In recent years there has been a growing trend in many museums both to examine contemporary social histories, and to approach historical narratives in new ways. These new approaches are often linked to initiatives for museums to become more inclusive and accessible, especially to sections of the community who do not traditionally visit museums. Such approaches inevitably throw up ideas, concepts and issues that many individuals and groups within society may find disquieting or even offensive. If museums are indeed changing their role to that of a public forum, is it possible for them but to approach controversial areas, and can curators hope to avoid stamping their own views and outlooks upon a finished exhibition?
This paper will argue that contentious issues cannot be avoided, primarily because controversy arises from a fundamental mismatch in the way museums are viewed from inside and outside the field. Furthermore, it will argue that contentious issues should not be avoided, as this is in danger of being seen as an evasion of curatorial responsibility, and that it is incomparable with the attempted transformation of museums into public forums. In addition, a study of the exhibition You won't feel a thing: Needles in medical history at the Wellcome Trust will ask whether it offers a 'blueprint' for other museums to follow, as the team responsible has tackled contentious issues in the past.
No abstract available
An attempt has been made in this study to follow the 'social life' of the Indian objects collected by the British (mainly during the colonial era), ending up in British collections and museums. The way this art has been gradually accepted into the larger Western art discourse on the one hand reflects the changes that have happened in society and on the other has much to do with cultural fashions that have dominated the West in the last three centuries. The difficulties arising in displaying and interpreting this art in a meaningful way (both for general audiences and those of South Asian origins) stem from the paradox of its having been (partly) accepted into the Western art discourse, and the need to take into account its nature of a religious art originally intended for popular fruition.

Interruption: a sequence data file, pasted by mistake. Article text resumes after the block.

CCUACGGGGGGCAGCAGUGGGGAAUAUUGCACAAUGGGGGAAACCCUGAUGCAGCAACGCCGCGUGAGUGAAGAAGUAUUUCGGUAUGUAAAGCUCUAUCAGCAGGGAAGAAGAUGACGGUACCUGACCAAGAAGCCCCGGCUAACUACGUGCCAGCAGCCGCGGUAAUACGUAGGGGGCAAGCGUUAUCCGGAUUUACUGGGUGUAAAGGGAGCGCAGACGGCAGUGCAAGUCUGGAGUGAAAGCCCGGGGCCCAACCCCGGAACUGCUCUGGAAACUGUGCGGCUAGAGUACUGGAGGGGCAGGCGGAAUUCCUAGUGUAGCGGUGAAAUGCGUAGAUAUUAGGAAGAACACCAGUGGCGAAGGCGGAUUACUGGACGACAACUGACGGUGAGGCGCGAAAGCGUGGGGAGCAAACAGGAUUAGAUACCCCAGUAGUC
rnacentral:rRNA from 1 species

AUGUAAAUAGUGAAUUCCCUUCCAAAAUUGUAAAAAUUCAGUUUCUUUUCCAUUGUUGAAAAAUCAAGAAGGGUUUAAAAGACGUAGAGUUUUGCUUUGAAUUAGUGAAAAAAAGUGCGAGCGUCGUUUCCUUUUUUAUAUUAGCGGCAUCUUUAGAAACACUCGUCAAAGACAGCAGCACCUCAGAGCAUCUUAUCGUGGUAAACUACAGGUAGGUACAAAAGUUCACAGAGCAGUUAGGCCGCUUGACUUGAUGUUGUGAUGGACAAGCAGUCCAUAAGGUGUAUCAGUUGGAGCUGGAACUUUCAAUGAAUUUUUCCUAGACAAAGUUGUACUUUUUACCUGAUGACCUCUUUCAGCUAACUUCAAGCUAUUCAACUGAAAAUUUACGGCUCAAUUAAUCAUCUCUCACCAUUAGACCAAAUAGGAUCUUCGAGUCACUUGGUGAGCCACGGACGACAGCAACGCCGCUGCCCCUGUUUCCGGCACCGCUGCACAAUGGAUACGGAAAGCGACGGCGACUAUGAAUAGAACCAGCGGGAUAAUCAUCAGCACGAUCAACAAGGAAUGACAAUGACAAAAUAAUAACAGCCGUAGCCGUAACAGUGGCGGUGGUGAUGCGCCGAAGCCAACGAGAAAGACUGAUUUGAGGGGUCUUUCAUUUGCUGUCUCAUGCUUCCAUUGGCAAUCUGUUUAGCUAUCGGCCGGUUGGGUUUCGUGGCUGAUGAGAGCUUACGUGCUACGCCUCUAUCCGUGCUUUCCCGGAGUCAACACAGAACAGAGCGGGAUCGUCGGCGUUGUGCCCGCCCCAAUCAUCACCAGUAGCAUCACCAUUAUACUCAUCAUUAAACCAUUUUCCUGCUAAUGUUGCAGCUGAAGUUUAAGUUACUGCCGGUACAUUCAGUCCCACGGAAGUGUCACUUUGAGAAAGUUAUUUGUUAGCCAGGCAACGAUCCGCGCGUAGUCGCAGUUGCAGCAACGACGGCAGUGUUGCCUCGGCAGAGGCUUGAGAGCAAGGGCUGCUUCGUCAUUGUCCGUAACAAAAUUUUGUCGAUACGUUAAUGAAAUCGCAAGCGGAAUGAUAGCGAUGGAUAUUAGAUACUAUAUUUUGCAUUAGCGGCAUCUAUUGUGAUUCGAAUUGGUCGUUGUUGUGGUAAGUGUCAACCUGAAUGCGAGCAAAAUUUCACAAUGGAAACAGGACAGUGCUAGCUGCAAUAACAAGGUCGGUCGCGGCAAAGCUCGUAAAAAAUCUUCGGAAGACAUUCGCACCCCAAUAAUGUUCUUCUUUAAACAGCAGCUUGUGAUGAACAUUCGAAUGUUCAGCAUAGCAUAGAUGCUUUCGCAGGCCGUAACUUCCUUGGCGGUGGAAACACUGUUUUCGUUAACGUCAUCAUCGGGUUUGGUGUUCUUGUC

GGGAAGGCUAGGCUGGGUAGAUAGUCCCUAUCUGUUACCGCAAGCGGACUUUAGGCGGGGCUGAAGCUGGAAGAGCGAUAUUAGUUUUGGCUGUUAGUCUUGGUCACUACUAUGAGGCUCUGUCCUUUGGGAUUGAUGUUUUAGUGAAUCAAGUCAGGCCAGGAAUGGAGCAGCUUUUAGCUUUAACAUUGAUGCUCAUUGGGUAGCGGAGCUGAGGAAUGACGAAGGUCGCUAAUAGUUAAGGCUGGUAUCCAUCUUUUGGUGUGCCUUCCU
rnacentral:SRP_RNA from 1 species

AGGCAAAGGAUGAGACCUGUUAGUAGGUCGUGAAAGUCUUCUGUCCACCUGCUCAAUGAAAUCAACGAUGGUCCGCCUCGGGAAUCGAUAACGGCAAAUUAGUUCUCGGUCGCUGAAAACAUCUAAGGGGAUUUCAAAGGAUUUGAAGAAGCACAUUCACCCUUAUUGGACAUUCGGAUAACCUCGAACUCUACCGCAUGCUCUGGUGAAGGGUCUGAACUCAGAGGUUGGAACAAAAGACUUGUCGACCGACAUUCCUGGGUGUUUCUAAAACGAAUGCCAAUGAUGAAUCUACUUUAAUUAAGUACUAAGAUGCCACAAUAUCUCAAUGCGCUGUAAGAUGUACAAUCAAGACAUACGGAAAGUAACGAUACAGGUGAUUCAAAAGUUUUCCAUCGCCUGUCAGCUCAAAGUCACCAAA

This study is concerned with examining the historical development of the period room by giving a brief historical outline of this process from its origins in the nineteenth century to the present, the aim being to establish whether it remains a valid means of display and interpretation for the museum in the 1990s.
Firstly, the origins and influences of the period room are examined, in Europe and America, in particular tracing the influences of key figures in its birth and development; Alexandre Lenoir, Alexandre du Sommerard, Dr. Artur Hazelius, Henry Ford, John D. Rockefeller and Dr J. L Kirk.
To examine how the period room is being used in the 1990s in Britain three case studies are examined: The Irish Room at the Grange in Neasden, a small temporary display put on in collaboration with the local community; The Roman Gallery at the Museum of London, a reconstruction included in the exhibition on Roman Britain and The 'Lifetimes' Gallery at the Clocktower in Croydon, a exhibition of six tableaux with a period room recreations in each.
The question of authenticity is addressed as it is a central problem that every museums faces and therefore that the period room has to take into consideration.
Finally, the question is asked whether museums have adapted the period room as a method of interpretation for the 1990s or has it become a historical novelty that is no longer relevant. This is reviewed by examining the historical developments and the evidence gained from the three case studies.
This dissertation aims to provide an overview of developments in the museums profession. It outlines problems raised by the polemic in perceived roles of curatorial and conservation staff, and their conflict of interest. In the collaborative culture, which highlights partnerships and national and international ventures in working to a common goal, it aims to analyse how effective these programmes are at overcoming traditional boundaries between these disciplines within and between institutions.
Four case studies centred in the UK (but with some international element) are provided to highlight themes of collaboration between curatorial and conservation staff.
This dissertation looks at the representation of the Holocaust within museums, and explores whether there is any special relevance for British museums which tackle this subject.
The enormous worldwide interest in the Holocaust is discussed, and the implications for museums undertaking exhibitions in this sensitive and controversial area.
Four British organisations and their approach to Holocaust exhibits are examined in detail. The subject is so complex that different approaches may be complementary and equally valid.